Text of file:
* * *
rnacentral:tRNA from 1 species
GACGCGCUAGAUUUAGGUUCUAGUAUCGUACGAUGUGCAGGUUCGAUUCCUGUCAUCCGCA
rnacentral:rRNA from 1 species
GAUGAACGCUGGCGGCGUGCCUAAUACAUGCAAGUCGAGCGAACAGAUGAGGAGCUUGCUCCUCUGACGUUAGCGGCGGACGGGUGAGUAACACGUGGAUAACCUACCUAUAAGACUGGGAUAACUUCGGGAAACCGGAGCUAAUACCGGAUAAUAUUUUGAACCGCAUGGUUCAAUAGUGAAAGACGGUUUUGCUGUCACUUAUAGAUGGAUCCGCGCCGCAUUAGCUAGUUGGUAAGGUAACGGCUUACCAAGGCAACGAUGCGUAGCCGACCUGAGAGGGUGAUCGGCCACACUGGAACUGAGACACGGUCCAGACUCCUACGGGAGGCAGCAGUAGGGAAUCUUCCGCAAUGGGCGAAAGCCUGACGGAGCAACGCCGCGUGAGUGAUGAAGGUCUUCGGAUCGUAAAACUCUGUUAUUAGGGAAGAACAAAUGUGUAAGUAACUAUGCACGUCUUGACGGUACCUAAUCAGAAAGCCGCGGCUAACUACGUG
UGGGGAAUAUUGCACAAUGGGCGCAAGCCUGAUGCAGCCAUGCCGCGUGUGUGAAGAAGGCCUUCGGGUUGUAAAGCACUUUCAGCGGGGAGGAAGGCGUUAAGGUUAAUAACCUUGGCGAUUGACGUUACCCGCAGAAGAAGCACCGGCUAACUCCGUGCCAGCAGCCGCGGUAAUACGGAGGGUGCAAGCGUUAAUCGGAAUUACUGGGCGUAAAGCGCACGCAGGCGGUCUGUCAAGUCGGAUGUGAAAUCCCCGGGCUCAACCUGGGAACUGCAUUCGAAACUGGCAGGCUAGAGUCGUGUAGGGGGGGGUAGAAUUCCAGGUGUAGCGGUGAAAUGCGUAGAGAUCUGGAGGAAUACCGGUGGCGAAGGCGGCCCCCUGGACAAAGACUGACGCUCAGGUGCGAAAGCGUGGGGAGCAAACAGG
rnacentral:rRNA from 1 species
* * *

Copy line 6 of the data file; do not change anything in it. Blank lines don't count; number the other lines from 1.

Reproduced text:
rnacentral:rRNA from 1 species